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It’s been 20 years since the crash at the Daytona 500 that took the life of motorsports legend Dale Earnhardt Sr. and there are still a few folks out there that believe Sterling Marlin is to blame. The accusations started flying almost immediately following the announcement of Earnhardt’s death, which came just a few hours after the fatal accident, accusations that weren’t true then and obviously aren’t true now.

Things got so bad in the days following the wreck that Marlin received death threats, which he essentially had no choice but to address. The two-time Daytona 500 winner clearly (and accurately) believed that it was simply an accident and made that point clear in his first interview following the accident.

Sterling Marlin and Dale Earnhardt Sr. were both in contention coming down the stretch of the 2001 Daytona 500

The final lap of the 2001 Daytona 500 was absolutely crazy as a plethora of drivers had a chance to win. Michael Waltrip and Dale Earnhardt Jr., who were running 1-2 when the white flag dropped, had separated themselves a bit as the pack hit turn three, which is always a madhouse as every NASCAR driver worth his salt wants to make that one last push to win.

Such was the case that day as Dale Earnhardt Sr., Sterling Marlin, and Ken Schrader went three-wide as turn four approached. Marlin went low, Earnhardt was in the middle, and Schrader was on the outside while Rusty Wallace positioned himself right behind Earnhardt’s famous No. 3. Bill Elliott, Ricky Rudd, Jeremy Mayfield, and Bobby Hamilton were right there in the mix as well.

As Marlin had the inside track, it seemed as if Earnhardt Sr. went to block, which led to his left rear getting bumped by Marlin’s No. 40 Coors Light car. Earnhardt, seemingly trying to straighten out without slowing down, went to the apron for the briefest of moments before veering back up the track into the outside wall, hitting it nearly directly head-on before being pushed by Schrader’s No. 36 into the infield grass. Sterling Marlin went on to finish fifth behind Waltrip, Earnhardt Jr., Wallace, and Rudd.

Dale Earnhardt Sr. was pronounced dead at a nearby hospital a few hours later but Ken Schrader later admitted that he knew Earnhardt had passed the moment he looked in the car.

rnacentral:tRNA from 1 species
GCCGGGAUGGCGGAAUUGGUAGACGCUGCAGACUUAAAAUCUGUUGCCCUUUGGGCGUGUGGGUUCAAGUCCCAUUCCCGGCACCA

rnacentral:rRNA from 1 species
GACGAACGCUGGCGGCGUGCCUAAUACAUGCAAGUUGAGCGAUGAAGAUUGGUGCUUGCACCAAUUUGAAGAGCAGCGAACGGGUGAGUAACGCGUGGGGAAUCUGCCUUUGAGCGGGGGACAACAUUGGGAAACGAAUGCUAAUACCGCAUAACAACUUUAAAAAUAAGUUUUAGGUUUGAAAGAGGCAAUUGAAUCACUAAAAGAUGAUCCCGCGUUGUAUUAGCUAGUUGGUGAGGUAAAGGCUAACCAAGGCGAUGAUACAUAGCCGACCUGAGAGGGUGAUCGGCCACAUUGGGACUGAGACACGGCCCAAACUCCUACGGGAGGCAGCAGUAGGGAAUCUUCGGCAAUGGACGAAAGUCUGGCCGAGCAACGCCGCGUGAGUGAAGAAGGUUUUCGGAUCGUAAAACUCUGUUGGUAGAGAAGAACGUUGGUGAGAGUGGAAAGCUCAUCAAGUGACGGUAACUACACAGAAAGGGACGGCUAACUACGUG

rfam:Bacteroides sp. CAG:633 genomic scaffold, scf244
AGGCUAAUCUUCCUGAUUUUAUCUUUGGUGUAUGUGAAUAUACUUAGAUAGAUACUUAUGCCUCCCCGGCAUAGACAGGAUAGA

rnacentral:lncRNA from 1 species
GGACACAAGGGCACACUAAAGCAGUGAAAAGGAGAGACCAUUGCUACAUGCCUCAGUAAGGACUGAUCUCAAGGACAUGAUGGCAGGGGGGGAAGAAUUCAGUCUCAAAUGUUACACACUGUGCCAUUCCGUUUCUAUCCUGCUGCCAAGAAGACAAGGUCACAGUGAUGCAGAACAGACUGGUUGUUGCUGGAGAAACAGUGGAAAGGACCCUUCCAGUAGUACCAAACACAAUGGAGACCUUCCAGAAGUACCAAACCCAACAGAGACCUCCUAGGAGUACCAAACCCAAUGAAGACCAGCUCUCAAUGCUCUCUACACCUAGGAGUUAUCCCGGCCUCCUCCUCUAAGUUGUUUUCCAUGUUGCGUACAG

The death threats started almost immediately following the passing of Dale Earnhardt Sr.

It certainly didn’t take long for fans of Dale Earnhardt Sr. to begin threatening Sterling Marlin following the fatal accident.

One fan wrote “I’ll kill you Sterling” on Marlin’s trailer and his website was flooded with disturbing e-mails in the days that followed the Daytona 500. Some even made phone calls to the shop that Marlin owned in Mooresville, North Carolina. And the calls were even more disturbing as some not only threatened Sterling Marlin himself but his family as well, which essentially left him no choice but to fire back.

Sterling Marlin simply told people to ‘come back to their senses’ and ‘watch the tape’

Sterling Marlin Dale Earnhardt Sr.
(L-R) Sterling Marlin; Dale Earnhardt Sr. | Jon Ferrey /Allsport; Brian Cleary/AFP via Getty Images

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In a teleconference from Dodge MotorSports just a few days after the accident that killed Dale Earnhardt Sr., Sterling Marlin told his side of the story and explained that “definitely didn’t do anything intentional” on that final lap.

As his good friend Earnhardt was doing, Marlin was simply trying to win the Daytona 500. He clearly understood that people were heartbroken over the death of such a legendary figure and perhaps that’s why they were lashing out. But what happened was clearly an accident and Marlin made sure to get that point across (h/t

“It was just strictly a racing accident. Things happen and people are going to look for somebody to blame.

“Them high-speed race tracks, you know you don’t touch anybody because it’s going to hurt when you hit. It’s no way in this world I would do something like that knowing the consequences and put myself in jeopardy, too.

“I think if people just come back to their senses and listen to what everybody is saying, and watch the tape, there’s no question. That’s all I ask. Just use common sense and look at the tape. That’s all you’ve got to do.”

Sterling Marlin on the Daytona 500 crash that killed Dale Earnhardt Sr.

For those who ever made death threats to Sterling Marlin following the death of Dale Earnhardt Sr., shame on you. And for those still blaming him for the accident, it’s time to let that go. Racing is a dangerous way to make a living and these things are going to happen. It’s just the nature of the sport.

Thankfully, in the 20 years since that fateful at the Daytona 500, NASCAR has made vast improvements as it pertains to safety harnesses within the vehicles, which was ultimately the cause of Earnhardt’s death. If only it had happened sooner.